6. Brad Penny, Red Sox starter. He may not be drawing big attention on the trade market. But he's been a big plus for Boston in the rotation thus far. For $5 million, he's well worth it.
7. CC Sabathia, Yankees starter. Some thought the Yankees crazy to pay $161 million over seven years for the heavy lefty. But except for his nervous debut in Baltimore, he's been well worth it. Beyond that, they absolutely had to have him. Without him, their ace is probably Joba Chamberlain, who should be in the bullpen (but that's a debate for another day).
8. Ivan Rodriguez, Astros C. Before they signed him, the Astros were practically guaranteed to get nothing offensively out of the catching position. He's hitting .254 with six homers and 29 RBIs, but consider the alternative. Rodriguez has hit better than he did with the Yankees last year. Plus, he brought a couple big moments, when he tied and broke the other Pudge's record for games caught.
9. Brian Fuentes, Angels closer. "He doesn't have closer stuff,'' one NL scout said. Well, who cares? He does have 20 saves to lead the American League. While he isn't K-Rod, he's good enough. Plus, the rest of the Angels' pen has been so awful, without him they'd be done by now.
10. Randy Johnson, Giants starter. Back in his hometown, he's throwing better than he did a year ago. Amazingly effective (7-5, 4.68) at close to 46.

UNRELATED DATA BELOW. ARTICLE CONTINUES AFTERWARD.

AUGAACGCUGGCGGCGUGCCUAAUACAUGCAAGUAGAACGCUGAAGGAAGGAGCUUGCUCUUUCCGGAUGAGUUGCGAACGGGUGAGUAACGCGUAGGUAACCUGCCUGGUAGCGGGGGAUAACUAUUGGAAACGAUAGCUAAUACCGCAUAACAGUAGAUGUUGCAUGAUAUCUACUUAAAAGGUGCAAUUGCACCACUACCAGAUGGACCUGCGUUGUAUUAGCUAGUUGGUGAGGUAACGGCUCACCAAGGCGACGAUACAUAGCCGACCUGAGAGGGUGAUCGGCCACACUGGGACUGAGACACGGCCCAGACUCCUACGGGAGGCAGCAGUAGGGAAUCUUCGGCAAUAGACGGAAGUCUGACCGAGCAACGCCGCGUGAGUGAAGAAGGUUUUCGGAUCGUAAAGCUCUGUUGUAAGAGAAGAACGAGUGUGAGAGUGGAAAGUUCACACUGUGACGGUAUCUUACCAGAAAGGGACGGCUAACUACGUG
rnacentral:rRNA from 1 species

11. Adam Everett, Tigers SS. For $1 million guaranteed, he solidified the Tigers' infield. It's true he's not much of a hitter (though his .267 average threatens his career high of .273). But his defense has enabled the Tigers' pitching staff to get off to a great start.
13. David Eckstein, Padres 2B. Always inspirational, at least the rebuilding Padres have had moments. Hitting .268 and making just $850,000.
14. Adam Dunn, Nationals OF. He can't play the outfield. But he's providing exactly what he's paid ($20 million, two years) to do. Has 18 home runs and 50 RBIs with .258 batting average. Very consistent at bat, year to year.
15. Felipe Lopez, Diamondbacks 2B. Arizona's awful start isn't his fault. Is hitting .304.
Worst Free Agents
1. Bradley, Cubs OF. Who else? He doesn't always count outs. Of course, if he did, he'd know he's made plenty of them, way more than his share. An absolute train wreck, he showed his ability to get hurt in spring training, and since then, he's showed all the other myriad issues. No one should give this man a three-year deal. One good thing, if he doesn't reach 75 games, the third year is wiped off the books and the $30-million, three-year contract is only a $20-million, two-year deal (still too much for him, though).
2. Oliver Perez, Mets starter. If Mets fans look at that 9.97 ERA, their reaction would be: he's pitched that well? He's also being hit at a .315 clip. Omar Minaya liked the fact that he's young, lefthanded and talented. He's also a bit of a head case with a knee problem.
3. Pat Burrell, Rays DH. Was out for a while, but two home runs and 22 RBIs aren't good. Neither is a .315 slugging percentage. At least the rest of the Rays offense is producing.